Sunday 4 December 2016

Special One drags mighty Real towards the gutter

Published 21/08/2011 | 05:00

A team-mate of mine prepared to take a throw-in during a local derby game with our fiercest rivals. It was scoreless at that point, but tempers had been lost many times. The referee was dishing out yet another lecture to a player for something he had just said, causing the official to miss one of the most memorable incidents of my entire career.

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While my mate waited for the referee to give the signal to resume play, one of the coaches of our opponents walked up and head-butted him. The rival coach was doubling up as the linesman, a feature of schoolboy football everywhere. I was playing for Belvedere under 17s at the time.

The second leg of the 2011 Spanish Super Cup final, played on Wednesday, will forever be remembered for the input of Real Madrid head coach Jose Mourinho. During a heated row involving several players and staff from both clubs in the final minutes, he gouged Barcelona assistant coach Tito Vilanova in the eye with his finger. Indifferent to the television cameras present, he backed away smirking immediately afterwards, clearly pleased with himself for what he had just done.

It is not uncommon for players to adopt a more physical approach when facing a team of superior ability. If you can't outplay them, outfight them. Intimidate them, foul them, insult them and cheat. If it remains a duel based on football alone, you'll lose, so ensure it never comes down to that. I've been involved in many such games. That's all well and good for us mere mortals, but it now appears to be the Real Madrid way every time they come up against Barcelona. It now seems that the head coach wants to get stuck in too.

I would assume it is a source of great frustration within that particular dressing room to be reduced to hacking opponents when the opportunity presents itself. Marcelo's wild lunge on Cesc Fabregas was what sparked the brawl but the behaviour of Mourinho was despicable. Even his post-match comments were absurd. No responsibility was accepted for his actions. No apology was forthcoming. No measured voice appealing for calm.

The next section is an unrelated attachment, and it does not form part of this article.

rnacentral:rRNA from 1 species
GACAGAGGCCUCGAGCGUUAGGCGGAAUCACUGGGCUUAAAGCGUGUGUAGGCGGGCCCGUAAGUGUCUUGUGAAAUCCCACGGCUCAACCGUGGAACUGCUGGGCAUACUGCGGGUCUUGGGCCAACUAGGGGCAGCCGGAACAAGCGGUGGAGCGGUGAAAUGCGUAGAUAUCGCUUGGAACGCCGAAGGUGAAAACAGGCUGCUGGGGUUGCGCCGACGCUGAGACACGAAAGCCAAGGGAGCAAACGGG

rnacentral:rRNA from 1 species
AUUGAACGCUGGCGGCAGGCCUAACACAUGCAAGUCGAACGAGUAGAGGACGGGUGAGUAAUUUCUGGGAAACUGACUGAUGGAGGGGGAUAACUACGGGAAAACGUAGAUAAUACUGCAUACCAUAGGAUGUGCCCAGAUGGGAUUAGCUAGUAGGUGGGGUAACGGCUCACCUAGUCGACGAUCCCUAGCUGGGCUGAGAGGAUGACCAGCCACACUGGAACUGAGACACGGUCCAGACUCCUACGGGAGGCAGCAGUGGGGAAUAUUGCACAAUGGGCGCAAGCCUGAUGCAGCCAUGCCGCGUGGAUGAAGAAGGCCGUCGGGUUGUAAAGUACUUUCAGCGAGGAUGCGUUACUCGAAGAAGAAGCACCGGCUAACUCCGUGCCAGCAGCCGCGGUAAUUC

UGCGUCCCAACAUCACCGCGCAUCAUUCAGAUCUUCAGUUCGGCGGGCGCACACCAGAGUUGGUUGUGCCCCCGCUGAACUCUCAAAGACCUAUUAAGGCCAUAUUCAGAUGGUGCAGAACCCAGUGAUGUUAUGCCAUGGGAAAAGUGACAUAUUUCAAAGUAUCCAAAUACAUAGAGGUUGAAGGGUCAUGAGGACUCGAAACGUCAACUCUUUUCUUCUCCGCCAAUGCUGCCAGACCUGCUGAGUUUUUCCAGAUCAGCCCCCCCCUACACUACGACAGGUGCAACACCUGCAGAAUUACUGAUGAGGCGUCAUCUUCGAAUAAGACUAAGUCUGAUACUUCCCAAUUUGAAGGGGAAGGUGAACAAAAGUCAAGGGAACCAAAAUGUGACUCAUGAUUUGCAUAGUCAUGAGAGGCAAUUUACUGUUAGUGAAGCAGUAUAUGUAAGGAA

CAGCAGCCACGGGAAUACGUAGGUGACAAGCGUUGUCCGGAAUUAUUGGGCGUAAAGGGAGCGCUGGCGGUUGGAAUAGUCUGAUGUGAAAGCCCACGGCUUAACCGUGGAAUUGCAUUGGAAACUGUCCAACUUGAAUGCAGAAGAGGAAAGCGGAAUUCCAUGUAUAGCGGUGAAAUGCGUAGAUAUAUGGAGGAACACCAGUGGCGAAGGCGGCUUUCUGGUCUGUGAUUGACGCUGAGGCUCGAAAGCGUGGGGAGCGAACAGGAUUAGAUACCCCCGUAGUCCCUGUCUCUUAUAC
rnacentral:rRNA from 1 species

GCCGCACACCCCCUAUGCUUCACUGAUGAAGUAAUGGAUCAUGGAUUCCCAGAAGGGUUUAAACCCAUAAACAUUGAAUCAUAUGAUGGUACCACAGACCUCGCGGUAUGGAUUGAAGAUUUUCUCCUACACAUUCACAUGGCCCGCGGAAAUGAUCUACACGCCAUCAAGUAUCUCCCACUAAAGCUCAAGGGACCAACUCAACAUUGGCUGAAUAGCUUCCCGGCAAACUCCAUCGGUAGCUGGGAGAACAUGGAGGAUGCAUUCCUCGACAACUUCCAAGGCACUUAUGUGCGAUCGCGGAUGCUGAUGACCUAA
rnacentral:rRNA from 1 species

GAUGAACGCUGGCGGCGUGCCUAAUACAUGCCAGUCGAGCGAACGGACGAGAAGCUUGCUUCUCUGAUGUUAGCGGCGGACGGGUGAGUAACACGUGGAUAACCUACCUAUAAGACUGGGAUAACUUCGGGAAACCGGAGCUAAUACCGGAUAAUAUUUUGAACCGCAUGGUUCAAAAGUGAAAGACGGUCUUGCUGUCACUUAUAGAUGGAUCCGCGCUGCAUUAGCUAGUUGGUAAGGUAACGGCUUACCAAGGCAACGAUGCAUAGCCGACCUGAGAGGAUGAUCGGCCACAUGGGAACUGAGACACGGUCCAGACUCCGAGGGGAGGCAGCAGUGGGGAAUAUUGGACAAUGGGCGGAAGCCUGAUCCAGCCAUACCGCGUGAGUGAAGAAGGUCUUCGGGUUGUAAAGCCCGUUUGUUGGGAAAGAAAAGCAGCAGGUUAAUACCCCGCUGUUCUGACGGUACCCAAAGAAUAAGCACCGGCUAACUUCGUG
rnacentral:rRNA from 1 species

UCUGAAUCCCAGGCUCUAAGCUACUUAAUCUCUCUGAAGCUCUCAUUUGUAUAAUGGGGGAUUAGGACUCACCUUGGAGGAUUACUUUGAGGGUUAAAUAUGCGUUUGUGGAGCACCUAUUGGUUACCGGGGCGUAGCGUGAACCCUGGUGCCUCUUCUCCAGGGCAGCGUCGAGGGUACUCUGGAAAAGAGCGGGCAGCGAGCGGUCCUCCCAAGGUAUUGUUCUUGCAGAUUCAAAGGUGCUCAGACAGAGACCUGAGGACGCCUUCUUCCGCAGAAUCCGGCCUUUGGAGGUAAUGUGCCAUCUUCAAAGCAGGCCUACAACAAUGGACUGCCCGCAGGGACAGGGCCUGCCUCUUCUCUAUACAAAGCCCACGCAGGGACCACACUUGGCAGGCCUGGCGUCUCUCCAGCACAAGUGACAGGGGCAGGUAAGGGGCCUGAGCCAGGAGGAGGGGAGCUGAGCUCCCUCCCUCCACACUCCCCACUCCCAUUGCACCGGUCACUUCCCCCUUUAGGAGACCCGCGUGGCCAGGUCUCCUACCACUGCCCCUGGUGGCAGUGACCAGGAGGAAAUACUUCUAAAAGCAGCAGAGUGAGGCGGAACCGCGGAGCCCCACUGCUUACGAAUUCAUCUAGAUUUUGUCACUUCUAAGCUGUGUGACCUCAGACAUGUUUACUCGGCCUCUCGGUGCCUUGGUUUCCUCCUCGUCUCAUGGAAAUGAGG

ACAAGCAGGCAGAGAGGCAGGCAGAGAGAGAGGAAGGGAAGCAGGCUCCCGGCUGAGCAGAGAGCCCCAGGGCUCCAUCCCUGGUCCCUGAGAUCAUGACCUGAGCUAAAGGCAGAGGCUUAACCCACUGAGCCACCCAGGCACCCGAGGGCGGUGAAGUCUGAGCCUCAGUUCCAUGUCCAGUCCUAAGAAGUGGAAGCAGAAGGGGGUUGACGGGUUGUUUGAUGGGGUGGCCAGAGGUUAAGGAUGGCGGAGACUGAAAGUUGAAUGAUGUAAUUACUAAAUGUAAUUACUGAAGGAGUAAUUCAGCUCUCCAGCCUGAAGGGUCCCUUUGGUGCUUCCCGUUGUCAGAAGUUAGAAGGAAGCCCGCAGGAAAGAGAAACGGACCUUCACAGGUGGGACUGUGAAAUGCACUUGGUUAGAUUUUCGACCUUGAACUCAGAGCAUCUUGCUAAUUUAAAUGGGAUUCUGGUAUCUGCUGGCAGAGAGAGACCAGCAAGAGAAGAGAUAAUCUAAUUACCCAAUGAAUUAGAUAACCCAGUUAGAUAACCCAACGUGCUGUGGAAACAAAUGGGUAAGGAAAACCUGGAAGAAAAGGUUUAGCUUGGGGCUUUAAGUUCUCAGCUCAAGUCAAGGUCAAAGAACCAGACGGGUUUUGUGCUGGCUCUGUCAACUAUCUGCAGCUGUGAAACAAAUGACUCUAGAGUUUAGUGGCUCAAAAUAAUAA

Instead he attempted to highlight Barcelona's removal of ball-boys during the second half of the game "which is something typical of small teams when experiencing difficulties". Incredible stuff from Mourinho, but it's the usual tripe which has become the hallmark of much of what he says these days.

Barcelona head coach Pep Guardiola seemed to understand the situation a little better when he cautioned "we must be careful, because one day we will cause harm, not on the field but off, and we're all a little responsible for this." I'm sure he has utter contempt for Mourinho's methods and despises him personally, but thankfully he seems to appreciate the influence and responsibility his own role encompasses.

He chose to heap praise on his own players for yet another trophy-winning performance, describing them as "eternal, mythical, unrepeatable, honest, who like to train and play football." Their legacy will be one of authentic footballing genius, perhaps greater than any that have gone before. The way he's going, Jose Mourinho's is shaping up to be something entirely different.

Barcelona defender Gerard Pique accused him after the game of "destroying Spanish football", but it's the collective response to his antics which will ultimately decide. Failure

to respond in a meaningful way would not only reveal the Spanish FA to be impotent and cowardly, but suggest any demise of Spanish football would be as much their doing rather than anything that comes from Mourinho.

But that's exactly what is going to happen. Because the incident did not appear in the referee's match report, he will most likely escape censure of any kind from them. The board at Real will do nothing either. There may be greater pressure on him to win trophies in order to justify their patience in him, but that has always been their way.

The games between these sides are now known for all the unsavoury elements so prevalent in football today rather than the brilliance and class of both squads. It beggars belief that Mourinho would lower himself to actions which wouldn't be tolerated on the council pitches I played on as a kid, but he has always done things his own way.

On Friday, Barcelona will most likely add the European Super Cup to the 11 trophies they have already lifted under coach Pep Guardiola since he took charge in 2008. Surely it's now time we all acknowledge the true 'Special One'.

rsadlier@independent.ie

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